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Right-To-Work Matters for Some Michigan Businesses

'If you treat your people right, they don't need a union'

AUBURN HILLS — When Michigan-based Android Industries needed a place to expand this year, it chose Ft. Wayne, Ind.

"Indiana became a right-to-work state and (it) offers us a competitive location," Android Vice President of Human Resources David Donnay told the Indiana Economic Development Corp. Android added 4,000 square feet to a building and invested $7.3 million at the facility with a target of adding 70 employees.

So did the pending right-to-work law come too late for the company to consider Michigan?

"There are many factors that go into a decision on where to expand," Donnay said.

He said Android prefers right-to-work states because it gives workers a choice whether or not to financially support a union. 

The auto-supplier, which specializes in complex modular systems primarily for Detroit's automakers, employs 2,200 workers throughout Europe and the Americas. Half of its plants are non-union facilities.

"If you treat your people right, they don't need a union," he said. The company bases wages and benefits on the market rate, he said, but he added that he does not anticipate wages and benefits changing in Michigan when it becomes a right-to-work state.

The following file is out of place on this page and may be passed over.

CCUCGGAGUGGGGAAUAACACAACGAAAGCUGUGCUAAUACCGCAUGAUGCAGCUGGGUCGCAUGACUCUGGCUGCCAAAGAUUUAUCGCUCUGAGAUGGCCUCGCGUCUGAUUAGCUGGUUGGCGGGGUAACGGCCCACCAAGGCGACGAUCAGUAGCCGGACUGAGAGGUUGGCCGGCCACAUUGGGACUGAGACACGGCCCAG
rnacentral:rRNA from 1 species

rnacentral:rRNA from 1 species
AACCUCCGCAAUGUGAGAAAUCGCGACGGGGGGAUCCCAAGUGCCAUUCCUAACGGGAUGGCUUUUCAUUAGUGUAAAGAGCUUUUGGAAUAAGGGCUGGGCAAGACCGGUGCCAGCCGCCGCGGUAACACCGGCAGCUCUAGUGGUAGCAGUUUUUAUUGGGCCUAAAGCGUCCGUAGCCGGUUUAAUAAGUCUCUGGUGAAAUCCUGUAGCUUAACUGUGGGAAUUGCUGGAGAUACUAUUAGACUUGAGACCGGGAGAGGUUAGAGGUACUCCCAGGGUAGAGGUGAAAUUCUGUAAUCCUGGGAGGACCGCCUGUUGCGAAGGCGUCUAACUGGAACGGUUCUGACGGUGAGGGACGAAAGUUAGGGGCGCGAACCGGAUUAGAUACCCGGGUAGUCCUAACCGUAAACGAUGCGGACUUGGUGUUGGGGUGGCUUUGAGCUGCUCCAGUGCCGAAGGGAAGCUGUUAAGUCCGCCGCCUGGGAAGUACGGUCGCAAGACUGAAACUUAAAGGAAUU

Android operates in two right-to-work states, Indiana and Texas. Donnay said the compensation packages in those facilities are identical to similar facilities in those areas. If the compensation packages in those states are too low, workers will go to other states, he said.

Donnay says he was surprised when he learned Michigan lawmakers were likely to approve a right-to-work law. He said he thinks a right-to-work law could open the door for Toyota and Honda to open a facility in Michigan, and he thinks it will preserve what he thinks was one of the best things to happen in the Detroit auto industry: the two-tiered pay system, which allowed the auto companies to hire new auto workers at lower wages than veteran workers. 

Another company pleased with Michigan's decision to likely become right-to-work state is Indiana-based Steel Dynamics. The company operates in 27 states, including Michigan.

"We're not anti-union, but pro-choice," said Ben Eisbart, Steel Dynamics vice president for human resources.

However, Eisbart said he doesn't think a right-to-work law will influence the company's thinking in deciding where to expand or acquire companies.

"We purchased companies in Michigan before a right-to-work law," he said, adding that competitiveness and the productivity of acquired companies has to offset drawbacks from buying a company with a union workforce.

He said the company has maintained positive relations with its union workers, but he said what works best is allowing individual workers to reach their earnings potential based on incentives and productivity. He said he is convinced that kind of system allowed Steel Dynamics to get through the 2008 economic crash with no layoffs.

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See also:

Facts On Right to Work vs. Forced Unionization States

The Public Employee Union Problem

10 Stories Showing Why Mandatory Government Collective Bargaining Is Counterproductive

Right-to-Work Law Would Help Ensure Government Unions Could Not Elect Their Own Bosses

The Union 'Free-Rider Problem' Myth In Right-to-Work Debate

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